The challenge to preserve Jewish academic discipleship
The Talmud clearly values discipleship — the building of a long-term scholarly relationship between teacher and student — over the mere study of texts. The “service of Sages” is understood to be a sine qua non of a scholar, and it’s hard to imagine how that would exist through post-COVID learning.
Videoconference technology artificially truncates the space for teacher-student relationships. One Zooms in and out of a classroom without the more casual, unforced, spontaneous interactions present in bricks-and-mortar environments. No conversations with the professor while walking from class to class, no back-and-forth banter at the graduate student union. One Zooms into the “meeting” (notably, not a “classroom”), listens to the dings that accompany the entrance of latecomers and the lecture begins. There is no unforced agenda, no white space in time, in which to develop the master-disciple relationship.
By contrast, I fondly remember my own discipleship as a doctoral candidate waiting early Toronto mornings by the window at the doughnut shop on the corner of Bloor and St. George for Professor Magocsi to appear, and then walking with him to his office on the other side of Queen’s Park. Over the course of those brisk walks I learned more about what it means to be a historian than I ever did in the classroom, the library or the archives. How do we achieve that online?
I appreciate that my experience was not the norm; most of my peers lacked a highly invested mentor like mine. But that’s secular graduate school: Jewish institutions of higher learning are heavily influenced by the yeshiva model in which the relationship between student and rabbi is closer, often almost parental in nature.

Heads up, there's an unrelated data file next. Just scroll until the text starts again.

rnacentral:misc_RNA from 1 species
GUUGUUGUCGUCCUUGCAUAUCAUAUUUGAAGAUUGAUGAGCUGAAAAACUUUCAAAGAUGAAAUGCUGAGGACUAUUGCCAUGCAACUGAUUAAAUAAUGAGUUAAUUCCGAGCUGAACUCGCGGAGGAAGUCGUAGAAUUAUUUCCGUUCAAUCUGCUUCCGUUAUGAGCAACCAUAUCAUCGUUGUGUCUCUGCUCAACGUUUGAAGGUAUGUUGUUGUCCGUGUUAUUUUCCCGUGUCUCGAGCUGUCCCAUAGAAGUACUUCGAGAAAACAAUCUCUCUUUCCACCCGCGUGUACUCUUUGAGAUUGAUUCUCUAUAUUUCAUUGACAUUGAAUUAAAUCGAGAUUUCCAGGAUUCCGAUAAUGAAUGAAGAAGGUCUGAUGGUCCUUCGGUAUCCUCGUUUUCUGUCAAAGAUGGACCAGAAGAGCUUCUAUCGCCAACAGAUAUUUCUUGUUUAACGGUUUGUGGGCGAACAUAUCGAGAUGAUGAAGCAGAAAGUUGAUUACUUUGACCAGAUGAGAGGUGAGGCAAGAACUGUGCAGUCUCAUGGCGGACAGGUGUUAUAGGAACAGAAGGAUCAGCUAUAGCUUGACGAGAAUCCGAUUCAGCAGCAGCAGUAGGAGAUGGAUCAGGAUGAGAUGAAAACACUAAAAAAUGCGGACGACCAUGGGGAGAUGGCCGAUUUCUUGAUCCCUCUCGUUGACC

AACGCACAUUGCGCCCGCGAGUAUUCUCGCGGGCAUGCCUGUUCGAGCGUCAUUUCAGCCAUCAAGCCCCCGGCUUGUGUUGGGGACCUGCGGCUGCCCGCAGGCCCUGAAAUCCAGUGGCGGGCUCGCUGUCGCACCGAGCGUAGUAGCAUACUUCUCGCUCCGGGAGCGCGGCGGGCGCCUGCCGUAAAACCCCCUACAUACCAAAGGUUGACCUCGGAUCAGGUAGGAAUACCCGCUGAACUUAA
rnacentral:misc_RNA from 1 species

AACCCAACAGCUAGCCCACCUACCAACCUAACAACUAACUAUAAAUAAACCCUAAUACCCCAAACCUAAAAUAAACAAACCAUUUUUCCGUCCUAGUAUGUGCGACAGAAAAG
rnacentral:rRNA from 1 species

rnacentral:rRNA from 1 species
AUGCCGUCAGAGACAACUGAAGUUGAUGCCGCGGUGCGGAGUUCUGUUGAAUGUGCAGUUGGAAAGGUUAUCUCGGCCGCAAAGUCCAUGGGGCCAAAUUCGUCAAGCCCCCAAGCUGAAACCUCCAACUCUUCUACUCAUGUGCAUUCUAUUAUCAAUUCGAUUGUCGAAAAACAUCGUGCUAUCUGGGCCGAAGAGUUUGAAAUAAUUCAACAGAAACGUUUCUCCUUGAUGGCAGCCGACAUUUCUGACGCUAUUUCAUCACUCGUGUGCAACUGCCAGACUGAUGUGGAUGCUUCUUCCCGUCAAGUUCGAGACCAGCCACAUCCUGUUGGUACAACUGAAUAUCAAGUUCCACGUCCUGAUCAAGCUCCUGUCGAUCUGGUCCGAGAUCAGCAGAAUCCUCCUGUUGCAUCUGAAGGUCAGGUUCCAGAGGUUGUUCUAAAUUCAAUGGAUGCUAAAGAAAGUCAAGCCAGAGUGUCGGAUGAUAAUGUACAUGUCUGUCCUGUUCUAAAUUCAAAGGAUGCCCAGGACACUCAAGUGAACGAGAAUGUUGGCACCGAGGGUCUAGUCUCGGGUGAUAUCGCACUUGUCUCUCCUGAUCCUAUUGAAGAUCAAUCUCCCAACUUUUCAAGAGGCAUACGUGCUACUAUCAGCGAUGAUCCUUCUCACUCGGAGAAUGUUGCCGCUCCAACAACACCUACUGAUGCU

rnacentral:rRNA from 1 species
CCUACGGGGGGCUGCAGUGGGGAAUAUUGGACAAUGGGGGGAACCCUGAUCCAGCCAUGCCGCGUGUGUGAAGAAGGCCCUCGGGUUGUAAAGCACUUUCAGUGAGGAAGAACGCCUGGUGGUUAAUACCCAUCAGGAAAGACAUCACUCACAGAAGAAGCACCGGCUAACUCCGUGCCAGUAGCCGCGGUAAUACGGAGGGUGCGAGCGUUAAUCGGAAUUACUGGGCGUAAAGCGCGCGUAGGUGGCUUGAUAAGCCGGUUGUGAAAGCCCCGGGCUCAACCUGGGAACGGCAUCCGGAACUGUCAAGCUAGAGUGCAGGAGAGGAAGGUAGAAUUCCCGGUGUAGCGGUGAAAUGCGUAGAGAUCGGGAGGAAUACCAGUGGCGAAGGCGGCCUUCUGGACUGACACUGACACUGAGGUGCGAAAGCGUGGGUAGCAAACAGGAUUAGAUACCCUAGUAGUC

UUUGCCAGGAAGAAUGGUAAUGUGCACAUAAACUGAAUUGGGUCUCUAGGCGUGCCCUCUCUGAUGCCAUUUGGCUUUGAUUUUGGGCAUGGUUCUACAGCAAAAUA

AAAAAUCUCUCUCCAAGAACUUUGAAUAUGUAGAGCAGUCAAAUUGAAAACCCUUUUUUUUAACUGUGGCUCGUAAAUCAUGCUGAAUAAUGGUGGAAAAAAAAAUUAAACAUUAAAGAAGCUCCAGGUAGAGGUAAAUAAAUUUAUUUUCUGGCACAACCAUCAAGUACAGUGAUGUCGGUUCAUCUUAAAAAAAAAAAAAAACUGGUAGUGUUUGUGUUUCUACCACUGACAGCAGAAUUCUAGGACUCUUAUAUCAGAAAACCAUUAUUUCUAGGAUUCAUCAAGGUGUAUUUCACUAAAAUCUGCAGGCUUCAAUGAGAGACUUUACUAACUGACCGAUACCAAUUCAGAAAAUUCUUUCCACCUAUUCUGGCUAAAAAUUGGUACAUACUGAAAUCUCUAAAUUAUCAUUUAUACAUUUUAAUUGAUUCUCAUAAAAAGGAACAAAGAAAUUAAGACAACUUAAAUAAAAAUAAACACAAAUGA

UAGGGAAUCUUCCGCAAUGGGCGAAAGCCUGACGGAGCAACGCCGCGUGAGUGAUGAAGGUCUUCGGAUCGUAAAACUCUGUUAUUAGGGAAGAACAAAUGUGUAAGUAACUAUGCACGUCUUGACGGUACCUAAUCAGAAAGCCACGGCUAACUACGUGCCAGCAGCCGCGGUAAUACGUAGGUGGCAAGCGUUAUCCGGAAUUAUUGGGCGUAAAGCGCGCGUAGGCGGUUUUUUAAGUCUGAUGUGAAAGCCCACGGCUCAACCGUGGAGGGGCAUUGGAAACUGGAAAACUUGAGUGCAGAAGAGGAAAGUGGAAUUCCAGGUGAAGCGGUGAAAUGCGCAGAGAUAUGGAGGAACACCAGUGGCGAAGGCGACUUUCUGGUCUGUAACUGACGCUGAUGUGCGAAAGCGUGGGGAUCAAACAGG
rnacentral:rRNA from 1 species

Our roshei yeshiva and Hasidic rebbes are typically treated with a level of respect that is rarely seen in secular institutions, and a diluted version of that reverence is a significant aspect of the culture at Jewish colleges and universities (many of my students, for example, address me in the third person, a wonderful practice that I can’t quite get my children to adopt). It’s a strong element in the distinct mesorah (tradition) of our schools, and students pride themselves for having the experience of studying under our highly accomplished faculty. We wouldn’t have it any other way.
How can we develop academic discipleship in the online environment? This challenge is even harder than the first because we’re not sure how to develop it in the real world, let alone the virtual world. It seems obvious, however, that discipleship is unlikely to develop if there is no natural, casual space for students and faculty to interact. Drop-in cyber-office hours are the most likely candidate, and the faculty has to be encouraged to maintain clearly posted online meeting times outside of class. Furthermore, professors have to be prepared to discuss things beyond the narrow scope of the curriculum because that’s what masters do for their disciples.
Jewish colleges and universities will find a way to thrive in this online environment.
If you were to pluck a student out of Sura, one of the greatest Babylonian institutions of Jewish higher learning in antiquity, and bring him forward in time to a Jewish college or university in the 21st century, he would have a hard time recognizing our modern campuses as educational settings, and the idea of learning online would probably reach far beyond his conceptual ability.
But the alienation of our Babylonian scholar (almost certainly a “he/him,” by the way) would not be limited to the 21st century: One might argue he would be just as flummoxed by the medieval study circles in 12th century Ashkenaz, the holy society of medical students that formed around Rabbi Moshe Chaim Luzzatto in 18th century Italy, or even the mid-20th century cafeteria in Poland’s Hakhmei Lublin Yeshiva. The shape of Jewish higher education has endured many powerful transformations over the centuries, and there seems to be no reason we cannot thrive under these unusual circumstances just as well. Maybe even better.
Henry Abramson is a specialist in Jewish history and thought who currently serves as a dean of Touro College in Brooklyn, New York.